New Zealand's unemployment rate of 7.3% overstates the weakness of the country's labour market, which has been tapering off through the latter half of this year, the Reserve Bank says.
The bank's latest forecast is more downbeat about the level of unemployment over the next two years, but is not convinced joblessness is at a 13-year high, as shown in Statistics New Zealand's household labour force survey – the official barometer.
The HLFS figures were in contrast to those in the Quarterly Employment Survey, falling numbers of unemployment beneficiaries, rising wage inflation and reports that employers are still finding it hard to attract staff.
"Looking at a broad range of measures, momentum in the labour market has weakened somewhat over the end of 2012," the bank says in commentary included in today's three-monthly Monetary Policy Statement. "We believe this deterioration is less severe than the HLFS would suggest."
The central bank expects unemployment of 7.1% in the March 2013 year, falling to 5.9% in 2014 and 4.9% in 2015, according to forecasts in the MPS. That is more pessimistic than the 6.4%, 5.3% and 4.9% forecasts in September.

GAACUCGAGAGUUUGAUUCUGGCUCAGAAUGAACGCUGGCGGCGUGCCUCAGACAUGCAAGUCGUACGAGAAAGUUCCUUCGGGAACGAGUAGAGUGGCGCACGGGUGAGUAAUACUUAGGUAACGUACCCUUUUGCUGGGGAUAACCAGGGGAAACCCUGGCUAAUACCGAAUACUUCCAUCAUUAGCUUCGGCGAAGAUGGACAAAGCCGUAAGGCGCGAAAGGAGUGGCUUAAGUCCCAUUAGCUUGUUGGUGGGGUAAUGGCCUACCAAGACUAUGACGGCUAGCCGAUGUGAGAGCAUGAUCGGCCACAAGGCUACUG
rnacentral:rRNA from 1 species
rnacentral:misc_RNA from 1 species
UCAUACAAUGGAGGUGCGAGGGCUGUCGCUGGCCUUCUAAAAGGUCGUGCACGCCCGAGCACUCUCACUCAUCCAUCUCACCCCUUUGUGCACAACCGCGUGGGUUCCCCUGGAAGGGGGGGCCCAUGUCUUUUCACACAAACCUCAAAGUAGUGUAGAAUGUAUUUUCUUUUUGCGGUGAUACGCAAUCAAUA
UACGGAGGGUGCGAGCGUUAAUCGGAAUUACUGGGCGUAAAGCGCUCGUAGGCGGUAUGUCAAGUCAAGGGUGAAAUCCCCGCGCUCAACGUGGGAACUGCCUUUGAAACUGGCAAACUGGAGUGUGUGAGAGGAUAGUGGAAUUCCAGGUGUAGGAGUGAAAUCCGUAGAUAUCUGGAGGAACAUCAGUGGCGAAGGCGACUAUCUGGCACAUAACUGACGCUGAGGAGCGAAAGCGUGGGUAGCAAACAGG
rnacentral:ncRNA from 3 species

A rising unemployment rate has surprised economists in the past three quarters, with the spike in September attracting scepticism while also pointing to a lull in what seemed a more strongly recovering economy.
Jobs growth in recent years has largely been underpinned by increasing numbers of part-time staff at the expense of full-timers, though the Canterbury rebuild is seen as a likely candidate to mop up spare capacity in the labour market.
"The continued high unemployment rate of the past three years highlights the risk that significant spare capacity remains in the wider economy," the bank says.
"Even if the unemployment rate dropped back below 7% in the December quarter, the HLFS would still suggest much more economic slack than other capacity indicators."